Bob Truluck—The Big Nothing


Hardboiled noir fans: Bob Truluck delivers a lot more than promised in The Big Nothing. That’s no backhanded compliment.

The promise includes a vicious series of showdowns, a coterie of sadists and pervs, and a few well-intentioned rubes caught up in a game bigger than the pile they’re after.

The cast of criminals and dirty cops range from two common thieves of dubious mutual allegiance to a pair of sophisticated professionals with international pedigree and wild libidos. There’s the shifty lawyer and his boy-toy lover who play-act sex games of Russian Kapow, and a mothballed old crook bringing up the rear with his neophyte hacker.

Middle of them all is the sad-sack FBI gumshoe and his mysterious handler, who may or may not be running the game: ‘Milky wasn’t even sure what the guy was, if he was armed services, Special Forces, DEA, Secret Service or a fucking spook. Milky’d been led to believe the latter, but found out if you called the CIA joint in Virginia they’d say they didn’t know anyone by that name.’

A slow-cooked start gets the players onstage, and one or two detours with some heavy detail pad an otherwise tight and intricate yarn. Truluck’s tough-guy patois runs mostly authentic, James Ellroy shooting the shit with Elmore Leonard. “Eddie was the tethered dog at a gator hunt.”

The Jag pulled off the road, crossed the narrow shoulder and parked under a couple of trees.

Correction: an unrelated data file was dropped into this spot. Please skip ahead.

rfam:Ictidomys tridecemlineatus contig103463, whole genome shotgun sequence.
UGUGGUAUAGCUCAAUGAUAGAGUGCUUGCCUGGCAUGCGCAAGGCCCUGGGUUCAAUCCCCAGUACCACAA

M. pulled up behind, got out, sucked stomach, filled his chest, and walked to the car. The windows were heavily tinted and it could have just as easily been the Pope in the car as the woman. The window came down. It wasn’t the woman. It wasn’t the Pope, either.

The long narrow gun in a hand the color of caramel jumped, the noise no louder than a textbook slamming shut.

The plot centers on four crates of gold worth plenty of millions, and the question’s not how much but how? How and where and who will get it. Likely we’re all rooting for downluck loser Marty Pell and his partner in crime Shad Dupree: “I look around, we’re the good guys—in a relative sort of way—and the good guys always win.”

Winning, in this case, is a lot more than just guns and gold, guts and glory. It’s wry and promiscuous and unafraid to light up, get high, go down. It’s unafraid of the absurd: “No, Toy, you have got to wear pants. You can’t walk through the Freeport terminal bare-assed.” “I’ll put on boxers.” “Over the chaps?”

When it finally turns toward the home stretch the tome leaves readers begging for more. Flying bullets and bloody counter-measures, a crook v. crook v. crook v. crooked-cop tale. Who gets the gold and who gets the lead?

There may be more to this answer than The Big Nothing shares.